Key Issues > Consumer Financial Protection
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Consumer Financial Protection

Federal agencies have opportunities to better protect consumers from unfair, deceptive, and abusive practices in the financial marketplace, and promote financial literacy.

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The prevalence of new and more complex financial products—and their availability to the public—have raised challenges for the federal agencies that are responsible for protecting consumers. 

The Consumer Financial Protection Bureau (CFPB), which was created in 2010, has primary authority over many consumer financial products, such as mortgages, credit cards, loan servicing, and debt collection. But other federal agencies also play key roles in consumer financial protection for the products, services, and entities under their jurisdictions.

There are a number of ways that these federal agencies could improve financial protections for consumers.

For example:

  • Wartime veterans with limited means age 65 or older, and veterans with certain disabilities, are eligible for VA’s pension benefit. These veterans are among the most vulnerable to financial exploitation. Scams that target them include selling bad investment advice and charges for services that should be free. Centrally collecting and analyzing information, such as complaints made against companies, could help the VA counter these scams and help law enforcement.
  • Elder financial exploitation—the illegal or improper use of an older adult's funds or property—has society-wide repercussions. Federal agencies have been working to increase public awareness of elder financial exploitation, but a nationwide approach by the multiagency Elder Justice Coordinating Council to educating the public could help address these abusive financial practices. 
  • Some companies that offer financial products and services—such as credit cards and loan servicing—may engage in practices that pose financial risks to consumers. For example, companies may obscure the costs of a product or use lending practices that can trap consumers in a cycle of debt. The CFPB is responsible for watching out for consumers and monitors complaints, analyzes market data, and conducts outreach to inform its regulations. However, while CFPB collects a wide range of market intelligence, it could better identify the most significant risks to consumers.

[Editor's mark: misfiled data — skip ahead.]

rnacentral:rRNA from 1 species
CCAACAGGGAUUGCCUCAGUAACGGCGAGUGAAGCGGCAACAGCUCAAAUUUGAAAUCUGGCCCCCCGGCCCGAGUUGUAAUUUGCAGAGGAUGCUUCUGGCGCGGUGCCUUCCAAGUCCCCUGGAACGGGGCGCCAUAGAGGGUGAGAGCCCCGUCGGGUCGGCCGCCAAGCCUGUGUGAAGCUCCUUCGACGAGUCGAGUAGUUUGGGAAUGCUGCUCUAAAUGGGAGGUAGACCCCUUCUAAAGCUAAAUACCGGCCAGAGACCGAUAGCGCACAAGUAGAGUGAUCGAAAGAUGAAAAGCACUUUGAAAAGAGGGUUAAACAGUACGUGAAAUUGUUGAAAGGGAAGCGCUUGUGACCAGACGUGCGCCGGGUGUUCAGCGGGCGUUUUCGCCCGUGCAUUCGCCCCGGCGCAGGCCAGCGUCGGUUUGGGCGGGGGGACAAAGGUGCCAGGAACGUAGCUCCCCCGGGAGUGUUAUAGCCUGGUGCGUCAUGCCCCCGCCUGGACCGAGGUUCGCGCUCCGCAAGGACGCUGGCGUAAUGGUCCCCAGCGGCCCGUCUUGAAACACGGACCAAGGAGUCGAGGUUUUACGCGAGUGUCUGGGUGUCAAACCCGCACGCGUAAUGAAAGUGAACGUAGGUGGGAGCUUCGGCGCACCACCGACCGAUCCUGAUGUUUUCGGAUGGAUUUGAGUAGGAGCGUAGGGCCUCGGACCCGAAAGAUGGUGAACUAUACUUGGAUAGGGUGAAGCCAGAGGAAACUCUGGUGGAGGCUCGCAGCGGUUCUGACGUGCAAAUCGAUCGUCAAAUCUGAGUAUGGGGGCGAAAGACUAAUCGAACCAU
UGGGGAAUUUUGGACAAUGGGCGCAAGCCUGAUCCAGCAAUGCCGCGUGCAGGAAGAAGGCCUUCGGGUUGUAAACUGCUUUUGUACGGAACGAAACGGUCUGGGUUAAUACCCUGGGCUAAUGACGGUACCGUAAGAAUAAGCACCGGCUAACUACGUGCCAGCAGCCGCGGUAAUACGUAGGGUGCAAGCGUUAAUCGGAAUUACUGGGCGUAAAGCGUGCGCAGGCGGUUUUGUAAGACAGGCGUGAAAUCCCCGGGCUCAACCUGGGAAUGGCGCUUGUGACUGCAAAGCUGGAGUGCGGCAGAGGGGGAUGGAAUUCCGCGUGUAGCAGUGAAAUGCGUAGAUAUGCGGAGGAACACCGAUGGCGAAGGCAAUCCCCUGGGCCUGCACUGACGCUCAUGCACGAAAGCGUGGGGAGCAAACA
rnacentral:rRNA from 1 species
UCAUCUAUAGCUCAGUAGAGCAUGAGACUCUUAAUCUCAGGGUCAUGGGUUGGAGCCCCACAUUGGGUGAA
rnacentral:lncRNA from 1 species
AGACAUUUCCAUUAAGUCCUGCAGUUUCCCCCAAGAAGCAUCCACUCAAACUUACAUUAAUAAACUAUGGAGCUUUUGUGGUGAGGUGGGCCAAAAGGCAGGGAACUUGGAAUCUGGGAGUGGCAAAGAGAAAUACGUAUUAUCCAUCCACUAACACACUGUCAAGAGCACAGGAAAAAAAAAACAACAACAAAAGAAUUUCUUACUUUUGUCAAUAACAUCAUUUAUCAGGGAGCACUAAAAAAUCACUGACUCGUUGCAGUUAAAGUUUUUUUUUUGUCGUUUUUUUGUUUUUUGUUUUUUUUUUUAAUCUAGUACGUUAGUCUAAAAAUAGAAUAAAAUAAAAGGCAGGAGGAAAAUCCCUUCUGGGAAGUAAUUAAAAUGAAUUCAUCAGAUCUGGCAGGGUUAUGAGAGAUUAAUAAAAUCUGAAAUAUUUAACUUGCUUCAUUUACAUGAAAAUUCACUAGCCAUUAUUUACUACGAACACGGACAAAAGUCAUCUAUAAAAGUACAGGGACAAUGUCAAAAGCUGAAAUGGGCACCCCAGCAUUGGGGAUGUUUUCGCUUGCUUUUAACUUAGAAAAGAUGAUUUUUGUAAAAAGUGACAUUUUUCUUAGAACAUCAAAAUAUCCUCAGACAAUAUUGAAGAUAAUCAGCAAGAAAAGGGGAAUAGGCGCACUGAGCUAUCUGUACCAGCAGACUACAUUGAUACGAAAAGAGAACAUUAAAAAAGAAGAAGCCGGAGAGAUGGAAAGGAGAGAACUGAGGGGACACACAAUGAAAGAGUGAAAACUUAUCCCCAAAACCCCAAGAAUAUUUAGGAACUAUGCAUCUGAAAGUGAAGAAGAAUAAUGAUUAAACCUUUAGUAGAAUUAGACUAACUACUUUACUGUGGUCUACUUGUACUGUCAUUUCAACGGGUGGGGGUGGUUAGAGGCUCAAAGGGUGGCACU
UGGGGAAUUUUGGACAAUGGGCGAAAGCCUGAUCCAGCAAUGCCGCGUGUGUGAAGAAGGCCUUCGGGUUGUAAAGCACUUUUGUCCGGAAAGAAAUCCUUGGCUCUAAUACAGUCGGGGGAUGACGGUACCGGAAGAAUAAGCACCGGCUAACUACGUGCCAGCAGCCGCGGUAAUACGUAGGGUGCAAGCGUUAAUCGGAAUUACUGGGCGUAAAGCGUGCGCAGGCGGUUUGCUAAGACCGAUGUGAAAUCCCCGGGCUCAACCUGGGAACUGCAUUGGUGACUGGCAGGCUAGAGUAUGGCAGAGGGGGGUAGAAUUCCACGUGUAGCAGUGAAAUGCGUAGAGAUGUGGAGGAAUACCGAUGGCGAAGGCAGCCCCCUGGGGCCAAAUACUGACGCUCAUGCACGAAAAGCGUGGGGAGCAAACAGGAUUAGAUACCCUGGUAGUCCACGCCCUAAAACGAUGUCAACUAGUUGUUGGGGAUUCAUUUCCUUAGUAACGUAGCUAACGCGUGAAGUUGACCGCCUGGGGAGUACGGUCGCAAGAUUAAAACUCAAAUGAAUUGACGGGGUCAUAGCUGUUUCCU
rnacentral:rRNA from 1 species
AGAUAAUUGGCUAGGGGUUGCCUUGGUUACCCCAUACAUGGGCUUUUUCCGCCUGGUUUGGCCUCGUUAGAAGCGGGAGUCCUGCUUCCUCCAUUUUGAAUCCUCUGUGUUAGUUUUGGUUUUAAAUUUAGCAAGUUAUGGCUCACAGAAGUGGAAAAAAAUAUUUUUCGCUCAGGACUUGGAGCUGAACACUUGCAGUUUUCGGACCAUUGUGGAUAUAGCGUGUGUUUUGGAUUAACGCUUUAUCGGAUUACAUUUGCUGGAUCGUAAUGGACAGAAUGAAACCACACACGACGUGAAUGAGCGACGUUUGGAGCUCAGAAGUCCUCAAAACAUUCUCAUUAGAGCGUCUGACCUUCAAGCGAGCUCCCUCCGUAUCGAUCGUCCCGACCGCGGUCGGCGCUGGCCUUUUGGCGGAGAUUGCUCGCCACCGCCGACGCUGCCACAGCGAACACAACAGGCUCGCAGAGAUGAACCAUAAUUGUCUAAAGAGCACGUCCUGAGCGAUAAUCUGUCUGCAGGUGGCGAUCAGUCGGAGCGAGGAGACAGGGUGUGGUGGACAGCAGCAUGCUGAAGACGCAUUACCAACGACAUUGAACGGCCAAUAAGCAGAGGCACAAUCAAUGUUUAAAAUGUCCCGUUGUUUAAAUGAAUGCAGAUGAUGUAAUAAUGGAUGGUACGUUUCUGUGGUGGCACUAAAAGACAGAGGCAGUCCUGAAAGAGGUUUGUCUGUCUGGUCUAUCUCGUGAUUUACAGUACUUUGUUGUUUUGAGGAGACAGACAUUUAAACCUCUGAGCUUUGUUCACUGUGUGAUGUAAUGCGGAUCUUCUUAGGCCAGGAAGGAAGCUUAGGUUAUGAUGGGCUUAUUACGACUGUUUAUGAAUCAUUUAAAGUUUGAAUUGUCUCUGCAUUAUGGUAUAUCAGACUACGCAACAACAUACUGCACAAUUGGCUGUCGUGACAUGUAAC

• Financial technology products and services (such as marketplace lending and digital payments) offer various benefits, including increased access to financial services, lower costs, increased speed of service, and convenience. However, they also pose potential risks, including data security and privacy. Federal regulatory agencies face challenges in adequately protecting consumers in the face of this rapidly changing financial marketplace.
  • Reverse mortgages allow seniors to convert part of their home equity into payments from a lender while still living in their homes. Seniors run the risk of defaulting and losing their homes if they don't continue to pay taxes and meet other conditions. The Federal Housing Administration could do a better job evaluating the performance of its reverse mortgage program and overseeing the companies that service the loans.

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Podcasts

Identity Theft ServicesThursday, March 30, 2017
Federal Oversight of Reverse MortgagesWednesday, September 25, 2019
  • portrait of Alicia Puente Cackley
    • Alicia Puente Cackley
    • Director, Financial Markets and Community Investment
    • CackleyA@gao.gov
    • 202-512-8678